Quarter from 1796

Few US coins are both rare and historic, but the 1796 quarter is both, making it a remarkable coin. The 1796 quarter was the first US quarter, so it's historic. It was not created until 1796, which may indicate how low creating quarters was in priority.

Coins, including a quarter, were allowed in 1792. No coins were manufactured until 1793, when only half cents and cents were made since silver and gold could not be produced without a bond. While the public waited for coinage, Secretary of State Thomas Jefferson had to resolve the bond issue because the officials concerned were reluctant or unable to post it.

Beginning silver and gold currency manufacture in 1794 was complicated by additional issues, and the first silver dollar attempts were unsuccessful. Fair enough, 1,758 dollars were created, but the common consensus is that they were the acceptable total out of 2,000 attempted. Half dollars followed dollars. This suggests they were working down in denominations, but the quarter wasn't next. Instead, in 1795, there were 1794-dated half dimes, the first gold coins, and more of various denominations. The quarter was delayed until 1796.

After all that waiting, the 1796 quarter should have a huge mintage. While 6,146 pieces may seem enormous, there is no reason to spin it. Given the nation's monetary scarcity, a substantial quarter mintage is expected the following year. No quarters were minted in 1797. Quarters were not produced again until 1804.

Nothing adequately describes the scenario. The early Mint didn't prioritize the quarter. The facility wasn't great, but it produced enough coins in 1797. It produced coins, but not quarters.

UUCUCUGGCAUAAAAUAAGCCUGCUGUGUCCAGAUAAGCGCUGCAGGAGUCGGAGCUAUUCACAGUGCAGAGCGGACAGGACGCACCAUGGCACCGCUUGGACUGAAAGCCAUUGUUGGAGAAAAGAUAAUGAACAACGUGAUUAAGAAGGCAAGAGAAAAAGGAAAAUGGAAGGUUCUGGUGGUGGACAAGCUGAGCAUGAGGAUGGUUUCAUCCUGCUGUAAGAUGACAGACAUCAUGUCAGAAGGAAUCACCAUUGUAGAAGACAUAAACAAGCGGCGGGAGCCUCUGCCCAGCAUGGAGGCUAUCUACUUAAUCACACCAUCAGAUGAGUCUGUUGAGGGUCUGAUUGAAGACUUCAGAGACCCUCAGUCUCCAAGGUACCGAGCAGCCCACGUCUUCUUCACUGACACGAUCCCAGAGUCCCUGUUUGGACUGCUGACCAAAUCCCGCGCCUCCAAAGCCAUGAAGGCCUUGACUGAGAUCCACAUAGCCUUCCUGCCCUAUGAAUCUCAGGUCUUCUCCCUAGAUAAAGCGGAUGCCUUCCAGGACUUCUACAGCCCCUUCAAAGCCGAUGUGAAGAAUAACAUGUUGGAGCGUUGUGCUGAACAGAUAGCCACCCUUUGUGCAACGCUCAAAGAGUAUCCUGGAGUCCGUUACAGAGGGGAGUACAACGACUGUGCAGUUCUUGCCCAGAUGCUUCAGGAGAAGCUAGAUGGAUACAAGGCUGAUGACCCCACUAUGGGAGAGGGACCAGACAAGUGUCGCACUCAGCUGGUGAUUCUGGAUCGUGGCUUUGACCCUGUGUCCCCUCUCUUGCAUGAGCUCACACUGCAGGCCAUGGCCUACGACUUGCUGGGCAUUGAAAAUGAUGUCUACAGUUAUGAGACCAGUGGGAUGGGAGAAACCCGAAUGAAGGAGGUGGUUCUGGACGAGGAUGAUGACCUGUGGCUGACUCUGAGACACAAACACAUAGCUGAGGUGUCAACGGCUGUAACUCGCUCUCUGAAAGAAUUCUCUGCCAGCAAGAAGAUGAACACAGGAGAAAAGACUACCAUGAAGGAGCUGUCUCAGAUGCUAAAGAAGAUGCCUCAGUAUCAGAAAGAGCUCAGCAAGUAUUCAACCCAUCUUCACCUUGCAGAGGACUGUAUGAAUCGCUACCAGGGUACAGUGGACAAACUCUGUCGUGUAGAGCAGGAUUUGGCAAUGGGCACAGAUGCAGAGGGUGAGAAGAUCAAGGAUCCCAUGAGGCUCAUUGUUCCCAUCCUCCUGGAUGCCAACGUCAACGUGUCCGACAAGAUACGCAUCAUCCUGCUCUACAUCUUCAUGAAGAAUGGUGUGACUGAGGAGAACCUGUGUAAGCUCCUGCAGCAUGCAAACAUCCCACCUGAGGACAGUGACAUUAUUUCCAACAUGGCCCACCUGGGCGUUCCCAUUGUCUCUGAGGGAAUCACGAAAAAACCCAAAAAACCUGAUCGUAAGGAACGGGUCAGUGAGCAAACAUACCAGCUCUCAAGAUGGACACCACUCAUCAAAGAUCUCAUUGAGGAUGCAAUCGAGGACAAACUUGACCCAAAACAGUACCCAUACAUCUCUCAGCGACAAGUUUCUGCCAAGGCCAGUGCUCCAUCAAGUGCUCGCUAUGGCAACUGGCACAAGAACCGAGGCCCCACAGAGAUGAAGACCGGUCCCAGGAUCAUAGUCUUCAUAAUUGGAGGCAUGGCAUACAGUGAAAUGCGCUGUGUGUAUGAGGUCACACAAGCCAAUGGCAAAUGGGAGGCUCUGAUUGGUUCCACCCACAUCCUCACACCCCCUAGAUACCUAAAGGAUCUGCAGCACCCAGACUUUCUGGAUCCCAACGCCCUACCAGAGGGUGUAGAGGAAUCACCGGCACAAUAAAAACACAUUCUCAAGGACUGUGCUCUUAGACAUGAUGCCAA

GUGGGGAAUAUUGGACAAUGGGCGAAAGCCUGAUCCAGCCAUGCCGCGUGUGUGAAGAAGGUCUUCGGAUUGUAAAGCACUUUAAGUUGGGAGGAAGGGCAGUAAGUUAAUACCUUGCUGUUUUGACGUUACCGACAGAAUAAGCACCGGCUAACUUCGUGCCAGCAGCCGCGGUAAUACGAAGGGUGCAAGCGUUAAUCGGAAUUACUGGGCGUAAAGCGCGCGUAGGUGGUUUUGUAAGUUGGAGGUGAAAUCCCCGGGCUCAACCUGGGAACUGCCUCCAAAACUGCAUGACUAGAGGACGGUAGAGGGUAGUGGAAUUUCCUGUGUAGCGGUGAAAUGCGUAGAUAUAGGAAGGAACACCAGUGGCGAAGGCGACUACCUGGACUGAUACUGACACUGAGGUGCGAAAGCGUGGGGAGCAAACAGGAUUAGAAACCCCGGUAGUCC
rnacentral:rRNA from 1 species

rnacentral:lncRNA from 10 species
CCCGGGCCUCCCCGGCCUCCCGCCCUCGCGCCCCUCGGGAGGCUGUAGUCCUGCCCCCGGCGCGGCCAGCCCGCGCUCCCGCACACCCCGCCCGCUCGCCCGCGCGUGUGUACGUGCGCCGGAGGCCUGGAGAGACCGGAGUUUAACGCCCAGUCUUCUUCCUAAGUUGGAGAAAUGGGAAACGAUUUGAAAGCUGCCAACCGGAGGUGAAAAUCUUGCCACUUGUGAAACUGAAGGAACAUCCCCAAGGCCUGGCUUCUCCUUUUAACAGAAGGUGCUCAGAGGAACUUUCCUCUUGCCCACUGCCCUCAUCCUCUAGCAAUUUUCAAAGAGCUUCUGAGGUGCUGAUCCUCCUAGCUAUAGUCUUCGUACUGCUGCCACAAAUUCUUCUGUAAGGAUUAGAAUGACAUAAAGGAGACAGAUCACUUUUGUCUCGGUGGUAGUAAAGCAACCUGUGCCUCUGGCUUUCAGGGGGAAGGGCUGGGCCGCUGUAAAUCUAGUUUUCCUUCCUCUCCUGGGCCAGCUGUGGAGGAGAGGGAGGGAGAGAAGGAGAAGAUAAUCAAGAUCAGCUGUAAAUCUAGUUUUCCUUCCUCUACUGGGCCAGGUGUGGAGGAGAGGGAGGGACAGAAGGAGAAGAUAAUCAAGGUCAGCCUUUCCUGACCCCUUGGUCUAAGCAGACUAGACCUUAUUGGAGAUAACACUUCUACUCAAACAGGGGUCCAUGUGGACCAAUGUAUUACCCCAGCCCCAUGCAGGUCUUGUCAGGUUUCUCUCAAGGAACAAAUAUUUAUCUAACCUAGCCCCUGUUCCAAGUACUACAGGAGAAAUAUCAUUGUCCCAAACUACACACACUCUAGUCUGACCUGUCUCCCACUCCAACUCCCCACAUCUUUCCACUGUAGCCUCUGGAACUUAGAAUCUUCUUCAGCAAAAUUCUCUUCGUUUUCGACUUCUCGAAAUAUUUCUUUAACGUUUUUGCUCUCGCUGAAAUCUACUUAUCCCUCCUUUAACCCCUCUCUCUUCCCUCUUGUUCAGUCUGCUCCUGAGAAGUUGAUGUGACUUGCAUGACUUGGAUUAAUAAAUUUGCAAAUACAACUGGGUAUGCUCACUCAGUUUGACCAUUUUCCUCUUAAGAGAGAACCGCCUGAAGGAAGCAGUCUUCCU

The situation suggests 1796 quarter grades being lower. Due to a national coin shortage, even quarters were in high demand. After creating slightly over 6,000 instances, the quarter was not produced again until 1804, which does not assist maintain examples in higher grades. Under the circumstances, upper circulating grade examples are unlikely.

In 1998, the 1796 quarter was priced for $4,350 in G-4, while an MS-60 was $28,000 and an MS-65 was $125,000. Today, a G-4 costs $12,000, an MS-60 $70,000, and an MS-65 $375,000. It's remarkable that the G-4 and MS-60 went below 1998 values before rising to their present pricing.

Naturally, check the grading services to discover how rare the 1796 is. PCGS graded 252 coins, 31 of which were MS-60. Three are MS-65, one is MS-66, and two are MS-67. At Numismatic Guaranty Corporation (NGC), 25 of 117 graded are MS-60 or above. NGC lists four MS-65, two MS-66, and one MS-67.

The totals seem to support the notion that someone saved at least a few quarter-dollars in 1796. That would explain the number in Mint State and the number in MS-65 or better, as the coins had to be well-struck and cared for for almost two centuries to avoid being handed on to small grandchildren or curious friends. They are gems of American numismatics, but any 1796 qualifies since it is rare and important in history.

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